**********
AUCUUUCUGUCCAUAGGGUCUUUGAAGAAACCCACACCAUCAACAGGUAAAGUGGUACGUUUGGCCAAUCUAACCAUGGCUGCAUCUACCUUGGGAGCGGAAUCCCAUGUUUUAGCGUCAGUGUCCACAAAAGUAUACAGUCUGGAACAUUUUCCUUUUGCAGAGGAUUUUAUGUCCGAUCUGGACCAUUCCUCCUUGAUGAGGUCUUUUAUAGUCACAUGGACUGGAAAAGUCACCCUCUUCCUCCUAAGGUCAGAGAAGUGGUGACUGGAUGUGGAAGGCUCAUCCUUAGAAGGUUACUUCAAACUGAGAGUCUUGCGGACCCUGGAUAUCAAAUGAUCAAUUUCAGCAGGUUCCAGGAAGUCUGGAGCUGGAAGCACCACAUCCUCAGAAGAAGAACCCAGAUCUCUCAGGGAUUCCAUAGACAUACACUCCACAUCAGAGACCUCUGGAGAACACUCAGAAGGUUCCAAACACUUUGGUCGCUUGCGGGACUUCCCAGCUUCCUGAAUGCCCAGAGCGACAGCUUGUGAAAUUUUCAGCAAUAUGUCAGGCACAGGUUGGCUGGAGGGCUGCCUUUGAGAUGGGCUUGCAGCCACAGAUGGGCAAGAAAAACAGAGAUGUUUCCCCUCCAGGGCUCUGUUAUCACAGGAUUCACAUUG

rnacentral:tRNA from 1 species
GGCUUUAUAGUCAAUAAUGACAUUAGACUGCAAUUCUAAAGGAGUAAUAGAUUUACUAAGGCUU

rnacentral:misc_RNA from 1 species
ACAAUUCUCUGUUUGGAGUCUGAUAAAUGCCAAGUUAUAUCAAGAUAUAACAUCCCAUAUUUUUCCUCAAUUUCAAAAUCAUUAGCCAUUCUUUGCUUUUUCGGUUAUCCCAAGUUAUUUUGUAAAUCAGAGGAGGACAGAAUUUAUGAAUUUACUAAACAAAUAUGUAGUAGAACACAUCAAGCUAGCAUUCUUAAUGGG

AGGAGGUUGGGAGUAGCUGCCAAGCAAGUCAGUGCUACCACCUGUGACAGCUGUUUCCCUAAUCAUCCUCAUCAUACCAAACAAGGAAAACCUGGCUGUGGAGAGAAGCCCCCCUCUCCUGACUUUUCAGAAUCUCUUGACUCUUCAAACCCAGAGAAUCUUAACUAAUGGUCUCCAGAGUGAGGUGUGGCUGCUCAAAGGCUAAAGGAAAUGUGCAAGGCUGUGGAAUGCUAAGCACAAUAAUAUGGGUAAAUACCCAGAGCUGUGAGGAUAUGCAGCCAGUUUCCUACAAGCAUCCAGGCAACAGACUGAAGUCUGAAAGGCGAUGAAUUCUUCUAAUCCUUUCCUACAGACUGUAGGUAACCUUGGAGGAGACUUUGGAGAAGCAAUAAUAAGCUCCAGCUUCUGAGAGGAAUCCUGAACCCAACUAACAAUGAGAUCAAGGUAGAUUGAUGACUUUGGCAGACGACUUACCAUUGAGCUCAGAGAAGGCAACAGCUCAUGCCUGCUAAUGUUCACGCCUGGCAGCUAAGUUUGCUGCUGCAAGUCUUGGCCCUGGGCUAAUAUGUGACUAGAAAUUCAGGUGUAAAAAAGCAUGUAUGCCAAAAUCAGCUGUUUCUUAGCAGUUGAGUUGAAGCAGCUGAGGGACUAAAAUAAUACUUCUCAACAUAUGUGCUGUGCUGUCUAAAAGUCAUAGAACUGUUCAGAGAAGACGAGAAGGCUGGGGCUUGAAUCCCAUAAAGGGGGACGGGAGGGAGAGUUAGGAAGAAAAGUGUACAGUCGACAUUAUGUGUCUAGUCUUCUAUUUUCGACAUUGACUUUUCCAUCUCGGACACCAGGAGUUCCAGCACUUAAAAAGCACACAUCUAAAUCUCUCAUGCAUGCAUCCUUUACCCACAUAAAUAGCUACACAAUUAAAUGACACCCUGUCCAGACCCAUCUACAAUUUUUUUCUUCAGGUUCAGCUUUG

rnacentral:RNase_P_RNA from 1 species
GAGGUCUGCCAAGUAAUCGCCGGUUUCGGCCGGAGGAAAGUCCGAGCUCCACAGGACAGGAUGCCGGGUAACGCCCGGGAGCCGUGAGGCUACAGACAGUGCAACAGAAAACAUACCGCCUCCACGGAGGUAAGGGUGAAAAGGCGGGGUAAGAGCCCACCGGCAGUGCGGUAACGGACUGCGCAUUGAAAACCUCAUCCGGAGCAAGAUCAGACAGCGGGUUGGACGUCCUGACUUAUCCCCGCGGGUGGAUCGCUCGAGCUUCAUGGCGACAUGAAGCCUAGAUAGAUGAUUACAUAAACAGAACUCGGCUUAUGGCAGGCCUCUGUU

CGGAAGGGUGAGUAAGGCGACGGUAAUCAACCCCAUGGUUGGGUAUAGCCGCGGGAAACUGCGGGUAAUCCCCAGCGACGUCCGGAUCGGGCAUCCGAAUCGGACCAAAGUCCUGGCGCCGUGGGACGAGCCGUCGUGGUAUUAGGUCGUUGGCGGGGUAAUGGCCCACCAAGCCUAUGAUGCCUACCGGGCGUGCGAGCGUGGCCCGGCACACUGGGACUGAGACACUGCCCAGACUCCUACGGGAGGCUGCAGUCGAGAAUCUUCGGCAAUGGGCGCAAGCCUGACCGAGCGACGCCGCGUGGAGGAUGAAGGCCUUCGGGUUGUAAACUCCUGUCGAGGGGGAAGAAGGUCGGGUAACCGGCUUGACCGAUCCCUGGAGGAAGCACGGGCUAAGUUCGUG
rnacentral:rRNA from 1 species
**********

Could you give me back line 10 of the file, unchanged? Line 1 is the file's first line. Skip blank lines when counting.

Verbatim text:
rnacentral:rRNA from 1 species